Words of My Father

In promulgating your esoteric cogitations or articulating your superficial sentimentalities and amicable, philosophical or psychological observations, beware of platitudinous ponderosity.  Let  your conversational communications demonstrate a clarified conciseness, a compact comprehensibleness, no coalescent conglomerations of precious garrulity, jejune bafflement and asinine affectations.  Let your extemporaneous verbal evaporations and expatriations have lucidity, intelligibility and veracious vivacity without radomontade or Thespian bombast.  Sedulously avoid all polysyllabic profundity, pompous propensity, psittaceous vacuity, ventriloquial verbosity and vaniloquent vapidity.  Shun double-entendres, obnoxious jocosity and pestiferous profanity, observable or apparentFound handwritten in an old Bible.

My father quoted this when he ran out of things to say. That wasn’t very often because he loved to talk (preach).

I used to think he just liked the sound of his own voice. Now I must reconsider because I am that person – so anxious to give someone my vast store of exciting knowledge that everything comes back to me, me, me.

Then I received this little blurb recently:

Type Seven EnneaThought for October 4th

“High functioning Sevens become joyous and seek to share their experience of the boundless goodness of life with others. Be open to this potential in yourself today.”

Oh, man…does that give me an excuse?

I spend a lot of energy trying to curb my tongue and listen. I need no encouragement to share thoughts and ideas. When a subject comes up that interests me I bounce in (sometimes without regard to etiquette) excitedly, happy to include myself in the discussion.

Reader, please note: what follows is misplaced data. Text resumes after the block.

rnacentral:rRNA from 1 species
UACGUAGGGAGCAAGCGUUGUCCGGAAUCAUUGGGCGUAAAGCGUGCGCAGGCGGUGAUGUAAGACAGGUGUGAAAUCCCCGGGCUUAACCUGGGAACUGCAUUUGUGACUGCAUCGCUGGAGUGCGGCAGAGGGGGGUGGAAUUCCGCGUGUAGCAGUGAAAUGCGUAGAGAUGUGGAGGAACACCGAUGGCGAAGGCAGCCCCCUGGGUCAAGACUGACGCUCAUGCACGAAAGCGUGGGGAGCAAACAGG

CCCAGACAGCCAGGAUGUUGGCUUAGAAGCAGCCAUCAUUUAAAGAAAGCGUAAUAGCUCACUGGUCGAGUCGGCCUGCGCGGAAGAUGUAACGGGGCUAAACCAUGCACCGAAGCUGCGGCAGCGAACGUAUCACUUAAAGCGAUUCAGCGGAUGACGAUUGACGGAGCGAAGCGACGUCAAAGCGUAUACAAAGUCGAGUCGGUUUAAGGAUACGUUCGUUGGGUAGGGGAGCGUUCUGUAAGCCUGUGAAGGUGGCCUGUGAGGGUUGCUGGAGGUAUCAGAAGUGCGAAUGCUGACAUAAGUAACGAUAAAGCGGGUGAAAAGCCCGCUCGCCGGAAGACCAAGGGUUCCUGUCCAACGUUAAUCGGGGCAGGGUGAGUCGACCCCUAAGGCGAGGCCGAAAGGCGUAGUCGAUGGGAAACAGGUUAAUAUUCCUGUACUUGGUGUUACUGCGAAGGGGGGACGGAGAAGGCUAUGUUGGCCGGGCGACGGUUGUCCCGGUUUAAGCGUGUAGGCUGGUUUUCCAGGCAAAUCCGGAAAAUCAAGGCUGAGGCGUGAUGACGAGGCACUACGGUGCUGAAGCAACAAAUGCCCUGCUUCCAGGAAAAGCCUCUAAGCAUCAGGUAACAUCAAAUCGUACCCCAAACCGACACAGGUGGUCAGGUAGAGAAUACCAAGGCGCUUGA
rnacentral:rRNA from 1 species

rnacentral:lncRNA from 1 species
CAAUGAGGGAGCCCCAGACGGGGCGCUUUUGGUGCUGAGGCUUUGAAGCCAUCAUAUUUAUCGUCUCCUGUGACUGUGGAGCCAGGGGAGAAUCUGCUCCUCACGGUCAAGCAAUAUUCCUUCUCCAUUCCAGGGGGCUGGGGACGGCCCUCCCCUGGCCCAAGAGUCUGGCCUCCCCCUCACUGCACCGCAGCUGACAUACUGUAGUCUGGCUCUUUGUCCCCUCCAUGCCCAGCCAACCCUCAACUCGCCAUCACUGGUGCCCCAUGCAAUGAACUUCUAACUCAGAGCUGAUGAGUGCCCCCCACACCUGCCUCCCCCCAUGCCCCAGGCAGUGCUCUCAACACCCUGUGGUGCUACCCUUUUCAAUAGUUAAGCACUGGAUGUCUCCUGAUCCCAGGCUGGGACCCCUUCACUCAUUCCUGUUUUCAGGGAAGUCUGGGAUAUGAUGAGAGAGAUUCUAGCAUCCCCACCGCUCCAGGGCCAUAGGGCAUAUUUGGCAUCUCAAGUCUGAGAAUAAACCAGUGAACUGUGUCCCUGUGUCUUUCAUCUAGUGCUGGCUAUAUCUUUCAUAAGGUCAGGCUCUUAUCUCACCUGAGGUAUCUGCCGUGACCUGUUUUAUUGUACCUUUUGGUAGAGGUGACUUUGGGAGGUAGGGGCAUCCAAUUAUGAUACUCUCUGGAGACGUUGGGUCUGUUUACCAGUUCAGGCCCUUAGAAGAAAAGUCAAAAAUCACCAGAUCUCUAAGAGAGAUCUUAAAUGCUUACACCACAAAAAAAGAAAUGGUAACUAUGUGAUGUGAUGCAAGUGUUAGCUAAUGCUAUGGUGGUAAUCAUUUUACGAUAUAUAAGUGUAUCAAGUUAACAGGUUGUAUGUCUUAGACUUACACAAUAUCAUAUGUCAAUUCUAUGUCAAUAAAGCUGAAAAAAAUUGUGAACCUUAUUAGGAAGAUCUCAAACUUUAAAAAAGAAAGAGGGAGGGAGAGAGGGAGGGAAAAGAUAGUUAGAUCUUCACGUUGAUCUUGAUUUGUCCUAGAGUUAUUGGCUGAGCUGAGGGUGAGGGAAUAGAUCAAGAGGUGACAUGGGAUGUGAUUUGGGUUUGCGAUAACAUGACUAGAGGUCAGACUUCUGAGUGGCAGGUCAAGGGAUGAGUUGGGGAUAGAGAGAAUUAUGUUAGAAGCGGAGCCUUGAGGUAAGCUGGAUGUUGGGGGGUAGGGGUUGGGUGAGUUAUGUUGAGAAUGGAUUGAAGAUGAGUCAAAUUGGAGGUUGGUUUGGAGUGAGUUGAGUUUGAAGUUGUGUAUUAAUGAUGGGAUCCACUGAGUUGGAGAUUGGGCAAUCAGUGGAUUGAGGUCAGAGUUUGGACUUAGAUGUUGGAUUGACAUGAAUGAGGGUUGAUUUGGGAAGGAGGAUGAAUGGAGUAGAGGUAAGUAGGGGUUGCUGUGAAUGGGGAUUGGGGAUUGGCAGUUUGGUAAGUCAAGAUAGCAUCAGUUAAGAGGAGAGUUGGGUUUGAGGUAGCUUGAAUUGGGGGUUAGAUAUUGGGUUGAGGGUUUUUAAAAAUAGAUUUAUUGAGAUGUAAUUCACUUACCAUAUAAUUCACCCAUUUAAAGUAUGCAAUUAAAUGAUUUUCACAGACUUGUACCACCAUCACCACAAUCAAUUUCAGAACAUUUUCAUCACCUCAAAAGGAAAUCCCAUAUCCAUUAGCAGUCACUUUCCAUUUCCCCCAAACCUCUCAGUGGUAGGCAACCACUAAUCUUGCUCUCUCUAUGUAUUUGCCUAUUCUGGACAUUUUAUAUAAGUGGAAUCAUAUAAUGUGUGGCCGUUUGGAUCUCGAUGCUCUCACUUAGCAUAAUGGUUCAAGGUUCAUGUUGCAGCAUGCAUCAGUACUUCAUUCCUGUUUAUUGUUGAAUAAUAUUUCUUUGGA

My kids have let me know that listening does not necessarily include sharing common experiences and feelings. Sometimes it’s best to just nod and indicate interest.

That’s a hard one for me but I’m working on it. I am aware of my flaw – just not always at the pertinent time.




  1. While I do like to hear my own voice, I prefer to sit quietly and listen and offer my two bits only when asked. I laugh readily and most of the people who regularly converse with me tell me that love to hear me laugh and that is enough communication to keep the relationships strong. I guess that I just got tired of hearing my own voice during my pre-retirement life.

    I have not found out my Enneagram Type. I would rather not. What do you think?


    • I admire you for that. I’m a little too intense and literal to laugh easily…but aspire to such grace. As to the Enneagram Type: the reason I find it valuable is to recognize when I am operating within personality instead of being real. It’s a way of getting over myself. I find it to be just another path leading through the maze to authenticity and essence. And knowing another’s type reminds me that it isn’t personal – they are operating within their own world view. That particular tolerance is fairly easy for me in my old age.

      Truly, Ramana, you are probably past all this. We are all just fine as we are. I just find the journey fascinating.

      Liked by 1 person

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